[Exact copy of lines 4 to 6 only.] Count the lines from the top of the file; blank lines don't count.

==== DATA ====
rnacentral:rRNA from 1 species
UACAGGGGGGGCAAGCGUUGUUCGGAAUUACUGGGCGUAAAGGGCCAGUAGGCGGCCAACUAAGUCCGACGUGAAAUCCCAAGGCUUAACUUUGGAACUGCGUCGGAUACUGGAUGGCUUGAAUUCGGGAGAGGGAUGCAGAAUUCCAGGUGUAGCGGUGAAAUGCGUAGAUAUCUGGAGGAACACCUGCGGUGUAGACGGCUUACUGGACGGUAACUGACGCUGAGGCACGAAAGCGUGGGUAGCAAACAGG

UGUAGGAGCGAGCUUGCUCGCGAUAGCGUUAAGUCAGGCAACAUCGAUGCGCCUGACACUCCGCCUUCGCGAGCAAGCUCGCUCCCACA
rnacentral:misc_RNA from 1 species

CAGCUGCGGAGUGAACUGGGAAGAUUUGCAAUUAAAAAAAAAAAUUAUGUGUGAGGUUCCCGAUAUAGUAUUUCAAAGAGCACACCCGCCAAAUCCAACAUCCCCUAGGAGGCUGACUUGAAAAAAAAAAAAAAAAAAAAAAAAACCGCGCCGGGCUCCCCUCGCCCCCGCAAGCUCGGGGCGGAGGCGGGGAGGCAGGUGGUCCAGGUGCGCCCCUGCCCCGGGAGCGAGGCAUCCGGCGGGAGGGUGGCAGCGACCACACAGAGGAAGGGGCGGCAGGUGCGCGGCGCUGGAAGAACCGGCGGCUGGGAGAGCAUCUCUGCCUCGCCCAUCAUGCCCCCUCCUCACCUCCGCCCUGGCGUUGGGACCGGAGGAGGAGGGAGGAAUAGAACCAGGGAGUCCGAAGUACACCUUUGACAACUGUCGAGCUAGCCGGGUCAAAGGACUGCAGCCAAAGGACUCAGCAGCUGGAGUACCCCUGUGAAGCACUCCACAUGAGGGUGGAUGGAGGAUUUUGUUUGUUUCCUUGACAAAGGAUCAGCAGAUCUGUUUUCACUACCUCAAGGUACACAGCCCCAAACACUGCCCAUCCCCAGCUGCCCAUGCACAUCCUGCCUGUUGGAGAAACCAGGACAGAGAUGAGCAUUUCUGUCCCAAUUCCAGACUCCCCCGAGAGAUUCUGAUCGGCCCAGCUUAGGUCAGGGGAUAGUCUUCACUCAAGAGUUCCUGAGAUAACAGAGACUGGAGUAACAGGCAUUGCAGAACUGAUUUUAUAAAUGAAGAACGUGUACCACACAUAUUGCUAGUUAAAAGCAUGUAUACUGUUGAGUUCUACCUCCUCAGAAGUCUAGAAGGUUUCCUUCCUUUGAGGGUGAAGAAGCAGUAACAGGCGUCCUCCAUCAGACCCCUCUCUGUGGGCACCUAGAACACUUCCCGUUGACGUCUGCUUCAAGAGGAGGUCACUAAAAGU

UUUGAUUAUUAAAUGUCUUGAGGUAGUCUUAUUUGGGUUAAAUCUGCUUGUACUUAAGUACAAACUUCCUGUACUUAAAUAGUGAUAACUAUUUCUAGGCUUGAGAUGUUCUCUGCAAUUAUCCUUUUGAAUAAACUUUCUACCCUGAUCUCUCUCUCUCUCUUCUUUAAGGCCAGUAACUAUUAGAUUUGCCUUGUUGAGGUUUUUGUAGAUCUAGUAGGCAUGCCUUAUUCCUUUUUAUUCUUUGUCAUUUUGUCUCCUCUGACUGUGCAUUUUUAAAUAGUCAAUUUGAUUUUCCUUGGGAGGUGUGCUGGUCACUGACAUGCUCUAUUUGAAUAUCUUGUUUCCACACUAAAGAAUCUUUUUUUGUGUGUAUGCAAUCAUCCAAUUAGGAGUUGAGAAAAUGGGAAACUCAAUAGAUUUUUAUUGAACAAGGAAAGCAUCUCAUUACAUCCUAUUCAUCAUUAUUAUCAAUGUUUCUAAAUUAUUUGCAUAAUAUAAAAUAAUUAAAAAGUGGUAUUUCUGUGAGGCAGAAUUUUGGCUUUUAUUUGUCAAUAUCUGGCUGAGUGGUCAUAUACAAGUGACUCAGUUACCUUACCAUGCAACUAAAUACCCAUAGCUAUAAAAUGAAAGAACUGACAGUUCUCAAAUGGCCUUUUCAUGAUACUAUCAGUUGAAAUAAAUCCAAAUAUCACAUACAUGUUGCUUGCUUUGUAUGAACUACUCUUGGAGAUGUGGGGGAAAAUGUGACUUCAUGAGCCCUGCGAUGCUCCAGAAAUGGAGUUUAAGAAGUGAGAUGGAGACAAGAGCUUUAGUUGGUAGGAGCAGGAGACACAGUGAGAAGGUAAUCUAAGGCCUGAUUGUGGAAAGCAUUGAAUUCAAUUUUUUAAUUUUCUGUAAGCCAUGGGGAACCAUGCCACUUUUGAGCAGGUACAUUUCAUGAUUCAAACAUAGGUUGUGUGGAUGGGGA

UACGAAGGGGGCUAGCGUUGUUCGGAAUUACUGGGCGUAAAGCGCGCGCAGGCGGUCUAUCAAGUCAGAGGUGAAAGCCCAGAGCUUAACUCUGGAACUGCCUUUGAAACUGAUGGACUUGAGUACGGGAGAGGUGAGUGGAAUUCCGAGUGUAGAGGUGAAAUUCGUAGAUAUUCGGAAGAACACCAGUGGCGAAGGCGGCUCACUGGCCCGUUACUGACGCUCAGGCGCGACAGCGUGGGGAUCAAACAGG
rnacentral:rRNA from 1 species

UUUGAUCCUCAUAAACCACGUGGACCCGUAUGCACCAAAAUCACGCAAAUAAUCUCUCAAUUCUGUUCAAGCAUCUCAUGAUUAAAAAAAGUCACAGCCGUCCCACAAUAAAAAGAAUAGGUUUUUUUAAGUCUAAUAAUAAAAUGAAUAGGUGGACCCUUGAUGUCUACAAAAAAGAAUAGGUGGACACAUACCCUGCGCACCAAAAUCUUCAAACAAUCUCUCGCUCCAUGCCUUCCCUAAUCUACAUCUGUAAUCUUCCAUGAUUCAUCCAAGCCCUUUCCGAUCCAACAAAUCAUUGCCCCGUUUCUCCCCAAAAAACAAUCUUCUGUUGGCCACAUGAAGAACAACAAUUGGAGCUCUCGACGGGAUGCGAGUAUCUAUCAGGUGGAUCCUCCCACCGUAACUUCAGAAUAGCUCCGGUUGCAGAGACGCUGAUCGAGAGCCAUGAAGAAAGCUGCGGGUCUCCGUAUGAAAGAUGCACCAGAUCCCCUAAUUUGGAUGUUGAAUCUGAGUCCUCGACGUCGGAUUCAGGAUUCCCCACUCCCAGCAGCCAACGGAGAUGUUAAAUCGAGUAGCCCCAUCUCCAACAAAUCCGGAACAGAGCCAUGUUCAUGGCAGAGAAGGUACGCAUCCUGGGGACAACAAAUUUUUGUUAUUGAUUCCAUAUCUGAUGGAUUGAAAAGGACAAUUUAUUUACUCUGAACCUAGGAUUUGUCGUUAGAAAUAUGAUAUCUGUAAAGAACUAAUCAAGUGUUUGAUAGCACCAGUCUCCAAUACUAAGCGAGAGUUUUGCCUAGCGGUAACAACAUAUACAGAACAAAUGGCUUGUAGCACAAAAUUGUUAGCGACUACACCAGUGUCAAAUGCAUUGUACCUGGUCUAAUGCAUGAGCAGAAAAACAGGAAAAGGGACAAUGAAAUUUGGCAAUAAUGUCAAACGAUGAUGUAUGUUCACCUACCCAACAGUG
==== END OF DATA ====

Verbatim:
rnacentral:misc_RNA from 1 species

CAGCUGCGGAGUGAACUGGGAAGAUUUGCAAUUAAAAAAAAAAAUUAUGUGUGAGGUUCCCGAUAUAGUAUUUCAAAGAGCACACCCGCCAAAUCCAACAUCCCCUAGGAGGCUGACUUGAAAAAAAAAAAAAAAAAAAAAAAAACCGCGCCGGGCUCCCCUCGCCCCCGCAAGCUCGGGGCGGAGGCGGGGAGGCAGGUGGUCCAGGUGCGCCCCUGCCCCGGGAGCGAGGCAUCCGGCGGGAGGGUGGCAGCGACCACACAGAGGAAGGGGCGGCAGGUGCGCGGCGCUGGAAGAACCGGCGGCUGGGAGAGCAUCUCUGCCUCGCCCAUCAUGCCCCCUCCUCACCUCCGCCCUGGCGUUGGGACCGGAGGAGGAGGGAGGAAUAGAACCAGGGAGUCCGAAGUACACCUUUGACAACUGUCGAGCUAGCCGGGUCAAAGGACUGCAGCCAAAGGACUCAGCAGCUGGAGUACCCCUGUGAAGCACUCCACAUGAGGGUGGAUGGAGGAUUUUGUUUGUUUCCUUGACAAAGGAUCAGCAGAUCUGUUUUCACUACCUCAAGGUACACAGCCCCAAACACUGCCCAUCCCCAGCUGCCCAUGCACAUCCUGCCUGUUGGAGAAACCAGGACAGAGAUGAGCAUUUCUGUCCCAAUUCCAGACUCCCCCGAGAGAUUCUGAUCGGCCCAGCUUAGGUCAGGGGAUAGUCUUCACUCAAGAGUUCCUGAGAUAACAGAGACUGGAGUAACAGGCAUUGCAGAACUGAUUUUAUAAAUGAAGAACGUGUACCACACAUAUUGCUAGUUAAAAGCAUGUAUACUGUUGAGUUCUACCUCCUCAGAAGUCUAGAAGGUUUCCUUCCUUUGAGGGUGAAGAAGCAGUAACAGGCGUCCUCCAUCAGACCCCUCUCUGUGGGCACCUAGAACACUUCCCGUUGACGUCUGCUUCAAGAGGAGGUCACUAAAAGU

UUUGAUUAUUAAAUGUCUUGAGGUAGUCUUAUUUGGGUUAAAUCUGCUUGUACUUAAGUACAAACUUCCUGUACUUAAAUAGUGAUAACUAUUUCUAGGCUUGAGAUGUUCUCUGCAAUUAUCCUUUUGAAUAAACUUUCUACCCUGAUCUCUCUCUCUCUCUUCUUUAAGGCCAGUAACUAUUAGAUUUGCCUUGUUGAGGUUUUUGUAGAUCUAGUAGGCAUGCCUUAUUCCUUUUUAUUCUUUGUCAUUUUGUCUCCUCUGACUGUGCAUUUUUAAAUAGUCAAUUUGAUUUUCCUUGGGAGGUGUGCUGGUCACUGACAUGCUCUAUUUGAAUAUCUUGUUUCCACACUAAAGAAUCUUUUUUUGUGUGUAUGCAAUCAUCCAAUUAGGAGUUGAGAAAAUGGGAAACUCAAUAGAUUUUUAUUGAACAAGGAAAGCAUCUCAUUACAUCCUAUUCAUCAUUAUUAUCAAUGUUUCUAAAUUAUUUGCAUAAUAUAAAAUAAUUAAAAAGUGGUAUUUCUGUGAGGCAGAAUUUUGGCUUUUAUUUGUCAAUAUCUGGCUGAGUGGUCAUAUACAAGUGACUCAGUUACCUUACCAUGCAACUAAAUACCCAUAGCUAUAAAAUGAAAGAACUGACAGUUCUCAAAUGGCCUUUUCAUGAUACUAUCAGUUGAAAUAAAUCCAAAUAUCACAUACAUGUUGCUUGCUUUGUAUGAACUACUCUUGGAGAUGUGGGGGAAAAUGUGACUUCAUGAGCCCUGCGAUGCUCCAGAAAUGGAGUUUAAGAAGUGAGAUGGAGACAAGAGCUUUAGUUGGUAGGAGCAGGAGACACAGUGAGAAGGUAAUCUAAGGCCUGAUUGUGGAAAGCAUUGAAUUCAAUUUUUUAAUUUUCUGUAAGCCAUGGGGAACCAUGCCACUUUUGAGCAGGUACAUUUCAUGAUUCAAACAUAGGUUGUGUGGAUGGGGA